The link between International Aid and National Security is less obvious than we thought. (So let’s spell it out)

(Originally posted on Medium at: https://medium.com/@jeremyerdman)

We have a moral imperative to help those in less fortunate positions than us. Moreover, the more the US provides for and safeguards the well-being of the less fortunate in the less developed world, the greater dividends we see on our investment. Creating strong and stable communities throughout the world reduces their susceptibility to chaos in the midst of drought, famine, or political upheaval; in turn, this investment reduces the likelihood of needing to intervene after a despot or other leader has capitalized on the chaos and began to consolidate power. This is important because, as we have learned from recent history, the US has an affinity for trying to overthrow despots.

Why am I choosing to write about this connection? It seems pretty straight forward, right? Well, apparently, it is not. Back in March, the White House released its budget, and it cuts the Department of State and US Agency for International Development (USAID)’s budget by 28 percent. How does the White House justify this cut? Budget Director Mick Mulvaney explains:

“This is a ‘hard power’ budget. It is not a ‘soft power’ budget,”

According to Reuters, this statement refers to the president’s desire to prioritize direct military power over the influence fostered through development aid. Such prioritization will likely result is more demonstrations of force, like the US Navy’s arrival off the coast of North Korea in June.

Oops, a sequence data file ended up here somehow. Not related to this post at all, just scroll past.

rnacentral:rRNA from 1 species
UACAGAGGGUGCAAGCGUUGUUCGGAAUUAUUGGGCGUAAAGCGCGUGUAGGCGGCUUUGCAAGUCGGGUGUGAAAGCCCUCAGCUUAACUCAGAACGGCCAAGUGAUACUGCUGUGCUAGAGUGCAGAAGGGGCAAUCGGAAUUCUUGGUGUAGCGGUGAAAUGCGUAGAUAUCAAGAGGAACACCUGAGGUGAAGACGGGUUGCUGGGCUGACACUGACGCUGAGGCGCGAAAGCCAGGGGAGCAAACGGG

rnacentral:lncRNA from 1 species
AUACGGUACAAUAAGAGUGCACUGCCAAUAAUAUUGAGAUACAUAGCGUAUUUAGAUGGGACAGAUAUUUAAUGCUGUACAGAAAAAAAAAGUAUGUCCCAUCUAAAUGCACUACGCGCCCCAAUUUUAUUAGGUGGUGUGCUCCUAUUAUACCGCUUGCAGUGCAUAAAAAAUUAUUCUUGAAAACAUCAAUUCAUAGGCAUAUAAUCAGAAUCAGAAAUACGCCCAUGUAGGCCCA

USS Ronald Reagan (front) and USS Carl Vinson and (back R) sail with Japanese navy ships (Picture: Retuers)

While such actions may dissuade unfavorable actions by a despot in the short term, demonstrations of force do not help address underlying issues as to why the despot is in power to begin with. Moreover, demonstrations of power do not always dissuade against unfavorable action, as North Korea has continued to test its ballistic missiles despite the US’s increased Navy presence.

The uncertainty behind the effectiveness of military intervention and demonstrations of force underscores the need for continued investment in foreign aid. USAID’s scope of work is detailed on their blog:

Spending less than 1 percent of the total federal budget, USAID works in over 100 countries to:

The list above shows the wide range of needs that USAID fulfills around the world. Their operations and grants help less developed nations grow, but they also ensure that nations remain stable. How does their aid help promote stability? In my last blog, I discuss the plight of coal communities and their susceptibility to Trump’s coal message due to crippling economic conditions. I state that fear regarding one’s poor economic conditions and uncertain livelihood makes it impossible to plan for and invest in the future. Fear and desperation for change makes someone either more likely to cling to a despot’s promise for radical change or unable to stop his/her ascent.

To fight fear, we must inspire hope. We need to foster opportunity. In 2010, USAID approached Wilfred Charles’s community in Malawi with the opportunity to install an irrigation system. Wilfred, a farmer, pastor, husband, and father of four, joined with 269 volunteers to build irrigation canals. The work was hard. So hard, in fact, that the volunteers dwindled down to Wilfred and five other men. The six men worked for three years to finish the canals, but their work quickly turned around benefits for their community. Their labor and dedication provided for larger yields, which allowed for families to send their children to school, build houses, and have more economic opportunities.

Stories like Wilfred’s demonstrate the power and necessity of foreign aid and the opportunity we will destroy through a 28% cut to USAID’s budget. Whether you care about national security, the well-being of less developed nations, or both, foreign aid invests in the future of others and creates a more stable world. As the world becomes more and more connected, we need to recognize that investing in others, like Wilfred and his family, makes all of us better off.

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